Videodrome :: Tetsuo: The Iron Man

However one chooses to interpret the thematic message, part of Tetsuo’s lasting endurance is that it can be enjoyed on a purely visceral level. If you tear away all of the percolating themes, Tetsuo is a pure emulation of the sci-fi and horror content Tsukamoto grew up watching and reading. It’s a love letter to the kaiju films of Toho Studios as well as a continuum of Japanese horror; ironically dubbed “the most metal film ever made

Videodrome :: Wolf Guy: Enraged Lycanthrope (1975)

1975’s Wolf Guy: Enraged Lycanthrope defies categorization. It’s not that the film is confused; it simply doesn’t care to fit into a box. Throughout its brisk eighty-six minutes, it weaves in and out of elements of hardboiled thrillers, superhero flicks, espionage conspiracies, paranormal occultism, sleazy soft-core porn, and pulpy noir. It’s a chaotic piece of pop-art, filled with surreal lighting cues, vibrant dutch-angles, and bursts of ultra-violence and sexuality, bursting at the frames with a kind of kitschy, hyper-stylization usually reserved for comic books.

Videodrome :: Dennis Hopper in White Star

Between 1972 and 1985, Dennis Hopper was persona non grata in mainstream Hollywood circles. As Hopper was unable to score a decent mainstream acting gig in American cinema, he headed to West Germany to appear as a disheveled and burned-out music manager in German director Roland Klick’s White Star (1984).

As a coherent film, White Star might not hang together, but it offers a lucid experience of Hopper’s dangerous, real-life psychological decay, and his own persona bleeding into his character’s wild nature.

Videodrome :: Vigilante (1982)

In many ways, 1982’s Vigilante is the scrappy kid brother of Death Wish. But its approach is leaner and meaner, rough around the edges and unvarnished. There’s a primal and animalistic undercurrent to Vigilante, grittier and sleazier then the Death Wish franchise or any of its “revengeplotation” contemporaries. The visual aesthetic and thematic philosophy is exploitative and nihilistic; ice in its veins and hate in its heart.

Videodrome :: The Holy Mountain

The Holy Mountain is offensive and grotesque in the same breath that it’s beautiful and transcendent, challenging all methods of interpretation and blowing the doors off meta-narratives in its rejection of form. It’s as subversive and tripped-out as any contemporary piece of media, serving as a gateway drug into the hardcore realm of mind-bending world cinema.

Videodrome :: The Last Tycoon (1976)

The Last Tycoon seems to view the fabled “hero’s journey” of Hollywood storytelling as a pandering lie; a disingenuous roadmap to regurgitate while navigating narratives, as phony to the audience as it is to the real life of the people who make the kinds of films that propagate it. It presents a contrarian disposition to the cinematic tradition of happy endings that works on a meta-level, unapologetically concluding itself in sorrow and confusion.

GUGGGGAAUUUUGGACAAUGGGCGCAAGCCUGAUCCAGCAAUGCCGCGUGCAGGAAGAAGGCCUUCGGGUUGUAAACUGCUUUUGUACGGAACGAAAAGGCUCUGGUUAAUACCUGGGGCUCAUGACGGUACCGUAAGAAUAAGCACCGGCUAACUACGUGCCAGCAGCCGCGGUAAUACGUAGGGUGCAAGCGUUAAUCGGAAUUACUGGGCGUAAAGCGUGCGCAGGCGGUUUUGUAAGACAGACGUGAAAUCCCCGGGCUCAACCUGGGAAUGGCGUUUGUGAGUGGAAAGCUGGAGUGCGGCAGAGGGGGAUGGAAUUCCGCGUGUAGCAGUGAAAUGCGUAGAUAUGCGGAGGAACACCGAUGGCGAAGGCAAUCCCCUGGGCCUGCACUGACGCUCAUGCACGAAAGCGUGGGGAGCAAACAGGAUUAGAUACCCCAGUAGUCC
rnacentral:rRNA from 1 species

Videodrome :: The Killing Of A Chinese Bookie

Considered a monumental flop at the time of its release, The Killing of a Chinese Bookie has since developed a vehement cult following. It’s widely regarded as one of John Cassavetes’ best films and Ben Gazzara’s greatest on-screen performance. Part of the delayed attraction may be that audiences have finally caught up to what Cassavetes was attempting to do. At a time when other American directors such as Coppola and Scorsese were releasing films that would serve as the consummate blueprint for future genre films, Cassavetes was already eradicating pre-conceived narrative standards and deconstructing archetypical characters, searching for the unaffected moments where these histrionic gangsters and gamblers could be vulnerable, flawed, and resolutely human.

Videodrome :: Urgh! A Music War

Released in May 1982, Urgh! A Music War is one of the most salient artifacts from the musical movement that would later be dubbed “new wave.” Clocking in at just over two hours and featuring over thirty live performances, the anthological concert film showcases artists in their prime as well as their infancy.

Videodrome :: Doctor Death (1989)

Doctor Death isn’t your typical Halloween fare. More sci-fi than horror, it’s a post-apocalyptic Super 8 film from 1989, made by a teenaged Webster Colcord and starring his friends and family. Featuring homemade special effects that would make Rick Baker or Tom Savini smile, the nuclear fallout has dissipated as our titular anti-hero cruises around in his tricked-out school bus, tossing chemical bombs out the window, terrorizing anyone (or anything — poor dog) unfortunate enough to cross his path.

Videodrome :: Deadlock (1970)

A mysterious longhaired man in a tattered suit is stumbling his way through a barren and blazing-hot landscape. He’s been shot in the arm. The sun is cooking him alive. In one hand is a gun, in the other is a metal suitcase. Inside the suitcase? A bunch of money and a vinyl record by the cosmic rock trailblazers CAN. This is the opening scene for 1970’s Deadlock, the second feature-length film by the underrated West German auteur Roland Klick, and a movie that not only features a soundtrack by CAN, but also manages to incorporate that music into its cryptic storyline.